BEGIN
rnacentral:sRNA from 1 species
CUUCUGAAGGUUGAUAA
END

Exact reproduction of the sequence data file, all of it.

rnacentral:sRNA from 1 species
CUUCUGAAGGUUGAUAA